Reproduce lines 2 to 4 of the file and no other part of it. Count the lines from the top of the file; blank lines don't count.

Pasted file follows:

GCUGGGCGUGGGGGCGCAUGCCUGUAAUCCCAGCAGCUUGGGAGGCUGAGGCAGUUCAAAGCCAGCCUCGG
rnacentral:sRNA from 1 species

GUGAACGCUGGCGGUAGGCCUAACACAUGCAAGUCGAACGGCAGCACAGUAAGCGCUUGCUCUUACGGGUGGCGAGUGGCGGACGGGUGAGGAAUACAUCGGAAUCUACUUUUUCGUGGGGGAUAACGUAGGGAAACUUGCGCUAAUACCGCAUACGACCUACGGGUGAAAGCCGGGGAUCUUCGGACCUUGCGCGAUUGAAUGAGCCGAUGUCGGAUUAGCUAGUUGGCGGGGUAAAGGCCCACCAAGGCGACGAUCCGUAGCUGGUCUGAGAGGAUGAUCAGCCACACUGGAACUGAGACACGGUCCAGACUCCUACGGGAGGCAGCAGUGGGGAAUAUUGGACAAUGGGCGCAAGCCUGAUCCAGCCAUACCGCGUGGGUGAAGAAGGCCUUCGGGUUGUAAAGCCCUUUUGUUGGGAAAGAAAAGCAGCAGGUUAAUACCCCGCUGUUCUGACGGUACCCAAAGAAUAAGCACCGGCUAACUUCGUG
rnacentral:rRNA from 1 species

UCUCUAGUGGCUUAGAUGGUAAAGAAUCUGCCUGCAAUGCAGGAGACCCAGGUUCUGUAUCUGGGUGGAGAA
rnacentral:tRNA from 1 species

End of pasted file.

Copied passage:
rnacentral:sRNA from 1 species

GUGAACGCUGGCGGUAGGCCUAACACAUGCAAGUCGAACGGCAGCACAGUAAGCGCUUGCUCUUACGGGUGGCGAGUGGCGGACGGGUGAGGAAUACAUCGGAAUCUACUUUUUCGUGGGGGAUAACGUAGGGAAACUUGCGCUAAUACCGCAUACGACCUACGGGUGAAAGCCGGGGAUCUUCGGACCUUGCGCGAUUGAAUGAGCCGAUGUCGGAUUAGCUAGUUGGCGGGGUAAAGGCCCACCAAGGCGACGAUCCGUAGCUGGUCUGAGAGGAUGAUCAGCCACACUGGAACUGAGACACGGUCCAGACUCCUACGGGAGGCAGCAGUGGGGAAUAUUGGACAAUGGGCGCAAGCCUGAUCCAGCCAUACCGCGUGGGUGAAGAAGGCCUUCGGGUUGUAAAGCCCUUUUGUUGGGAAAGAAAAGCAGCAGGUUAAUACCCCGCUGUUCUGACGGUACCCAAAGAAUAAGCACCGGCUAACUUCGUG
rnacentral:rRNA from 1 species